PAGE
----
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Asia in Pictures

  • A final farewell to Thailand's much revered King Bhumibol Adulyadej

    Mourners from all over Thailand have gathered in Bangkok to pay their final respects to King Bhumibol Adulyadej, who died last October after a 70-year reign.
    Hundreds of thousands of Thais looked on in silence as the late king's funeral cortege made its way from the Grand Palace to a specially built crematorium at Sanam Luang, a large open area in front of the palace, early on Oct. 26.
    Five days of funeral rites relating to the cremation conclude on Oct. 29, bringing to an end more than a year of national mourning.

  • Death of the Thai king -- a nation mourns

    Thailand's King Bhumibol Adulyadej, the world's longest-serving head of state, died at Bangkok's Siriraj Hospital on Oct. 13 after a prolonged illness. During his 70-year reign, King Bhumibol, the ninth king in the Chakri dynasty, served as a stabilizing force for the country. Nikkei staff photographer Nozomu Ogawa documented the nation's mourning.

  • A new bustle in India

    India's economy is growing up under Prime Minister Narendra Modi. Nikkei senior staff writer Go Yamada in December visited Mumbai and Delhi, where he found Modinomics to be a crowd of new faces mixing with the old.

  • Pope in Philippines

    Pope Francis visited the Philippines between Jan. 15 and 19 as part of his recent tour of Asia. KEIICHIRO ASAHARA, Nikkei staff photographer followed his procession through Manila.

  • The Rohingyas' perilous journey

    KEN KOBAYASHI, Nikkei staff photographer
    Rohingya fleeing Myanmar endure almost unimaginable horrors to reach a new country, but their suffering does not end once their journey does. Many refugees have survived harrowing ordeals in Thailand's jungles and are now living in shelters in the country's southern provinces or facing the prospect of deportation by immigration authorities.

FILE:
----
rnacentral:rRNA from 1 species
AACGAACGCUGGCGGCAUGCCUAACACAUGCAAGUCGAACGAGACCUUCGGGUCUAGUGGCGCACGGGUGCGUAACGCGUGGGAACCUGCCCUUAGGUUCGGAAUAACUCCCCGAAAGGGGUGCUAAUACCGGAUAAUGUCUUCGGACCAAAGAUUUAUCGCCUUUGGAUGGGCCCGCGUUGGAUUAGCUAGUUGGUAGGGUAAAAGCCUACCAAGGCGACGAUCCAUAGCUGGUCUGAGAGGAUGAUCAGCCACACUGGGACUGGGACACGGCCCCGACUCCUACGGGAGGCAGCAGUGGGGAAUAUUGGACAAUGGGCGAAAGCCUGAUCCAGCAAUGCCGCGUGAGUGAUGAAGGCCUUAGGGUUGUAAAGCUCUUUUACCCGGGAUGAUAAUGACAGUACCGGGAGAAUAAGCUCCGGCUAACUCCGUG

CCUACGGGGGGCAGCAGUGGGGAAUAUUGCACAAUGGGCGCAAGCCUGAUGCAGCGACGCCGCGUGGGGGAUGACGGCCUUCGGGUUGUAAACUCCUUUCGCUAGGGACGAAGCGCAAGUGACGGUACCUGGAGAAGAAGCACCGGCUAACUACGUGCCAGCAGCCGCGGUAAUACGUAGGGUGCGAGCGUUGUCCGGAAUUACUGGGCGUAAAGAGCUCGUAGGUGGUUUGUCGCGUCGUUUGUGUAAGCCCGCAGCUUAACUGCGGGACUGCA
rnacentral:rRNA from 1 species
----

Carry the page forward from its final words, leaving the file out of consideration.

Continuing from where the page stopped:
• Pakistan's tailwind

    Pakistan’s economy, long plagued by terrorist attacks, political chaos and even natural disasters, is finally starting to catch a break.
    Nikkei senior staff writer GO YAMADA went there to take a closer look at the turnaround. Find related stories in the Sept. 21-27, 2015, issue of the Nikkei Asian Review.

  • Myanmar election -- what it looks like to break on through to the other side

    Nikkei staff photographer Keiichiro Asahara in early November focused his lenses on the people and streets of a country, Myanmar, as it was stepping up to democracy's door.

  • Yangon smartens up

    KURAHIRO SEGUCHI,
    Nikkei staff photographer
    One sign of Myanmar's transformation since 2011 has been the emergence of smartphones in Yangon. Now, like in any other major Asian city, the burg's inhabitants are constantly checking out what's happening in the palms of their hands, often with inexpensive handsets from China.

  • Small worlds

    KURAHIRO SEGUCHI and KONOSUKE URATA, Nikkei staff photographers

    As leisure spending rises in Southeast Asia, Western theme park operators are setting up shop in the region.